The decision requires localities where women have, on average, two children or fewer to educate people about the benefits of having two children and the drawbacks of marrying late and bearing fewer children. Local governments will also encourage and support couples to have two children by expanding services such as babysitting, milk banks, and health care. The decision says construction of babysitting facilities and kindergartens, especially in urban and industrial areas, should be prioritized.
For Phan, the announcement is a “warning” to women as they are caught up in advancing their careers. “You put your nose into work and you don’t really think about what is happening around you,” she said. “But then when the government passes that kind of law, we know that our country has a problem.”
“Younger generations now have to not only take care of themselves, but also take care of their parents and their future family. So a lot of young people, due to social and financial pressure tend to postpone getting married,” Phan said, explaining why she hesitated to marry earlier. “But I think [the decision] makes sense.”
Vietnam is on its way to becoming a developed country and there is work to do, she said. Among other things, there needs to be a sufficient workforce. “If we let the aging population happen, that’s not gonna happen.”
This sentiment echoes that of Ngoc Nguyen. “The population is getting older and [Vietnam] is on the edge of lacking a labor force,” said Ngoc Nguyen. She said she thinks the new policy aims to encourage people to “create the next generation soon” so that Vietnam doesn’t have to import workers from other countries.
Still, agreeing with the policy doesn’t mean liking it.
“If you ask me about my emotions when I read the policy, I was mad because, you know, things like giving birth are, like, my personal, very personal and subconscious feelings,” Phan said. Besides, she said, she believes the age requirement will create more burdens for Vietnamese women.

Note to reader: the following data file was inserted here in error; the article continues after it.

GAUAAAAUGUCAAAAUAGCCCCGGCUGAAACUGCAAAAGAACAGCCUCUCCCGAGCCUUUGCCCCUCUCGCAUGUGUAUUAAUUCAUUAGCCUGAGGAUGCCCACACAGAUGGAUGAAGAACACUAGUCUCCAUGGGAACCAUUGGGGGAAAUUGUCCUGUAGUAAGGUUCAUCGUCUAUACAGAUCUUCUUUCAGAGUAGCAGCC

Although Vietnamese society is heavily influenced by Confucian philosophy dictating that men are natural born leaders and women are not, even if they try, women have made progress in the workplace and taken more and more leadership positions. The country last year had one of the highest female labor-force participation rates in the world, behind only Iceland, Sweden, and Switzerland, according to data from the International Labour Organization. It also ranked second highest in the number of women in leadership in Asia.
In her field, Phan said, even though men still dominate leadership positions, women are catching up. “If the government passes this kind of policy, it means we will have less chance to raise our voice to a higher scale. So I think it somehow slowly affects the inequality between gender as well.”
Having grown up with two brothers in a rural area, Ha Nguyen said she thought the policy would affect women more than men because historically Vietnamese women feel more pressure to marry early. “Growing up, my brothers would hear things, like, ‘As a boy and later on as a grown up man, you should always put your career first,’” she said. “While for women, we were taught that getting married should be our number one goal, building a happy family should be our number one priority and responsibility.”
Another aspect of the decision that concerns these women is the “social contribution” for people who don’t get married before 30.
Phan noted that the government hasn’t elaborated how it will implement the social contribution, but said she disagrees with raising taxes on women who don’t have children by the time they’re 35. “Because if I don’t get married and have a baby [that will then take care of me when I’m old], that means I have to save up so that I can go to a nursing home,” she said. “The government won’t be paying for my old age so it doesn’t make any sense for me to pay higher tax.”
Even though Ngoc Nguyen said she thinks the new policy is necessary, she doesn’t like the use of age and financial retribution to encourage people to follow it. “They basically say you have to get married before 30 and have babies before 35, otherwise you’ll get taxed,” she said. “And then I feel like, actually, I don’t care anymore. They do what they do and I do what I do.”
For Phan and her female colleagues working in academia, there is a high pressure to keep up with progress in their fields. “You need to update every single day and every single year because you face a very high chance of being outdated,” she said. Phan’s older colleagues share their anxieties with her. “I do feel their panic,” she said. “Whenever we meet, they keep mentioning the [dilemma] between going to a Ph.D. or higher career or getting married, saying that their family keeps asking about that issue.”
After learning of the policy, she said, she felt she was going against the law of nature. “Even the government told us to do so,” Phan said. “So sometimes I do feel, like, ‘Am I a weird person? Am I doing things on the right track? Or am I like a really bizarre person who goes against, you know, the natural law of giving birth and having a family?”
This site uses Akismet to reduce spam. Learn how your comment data is processed.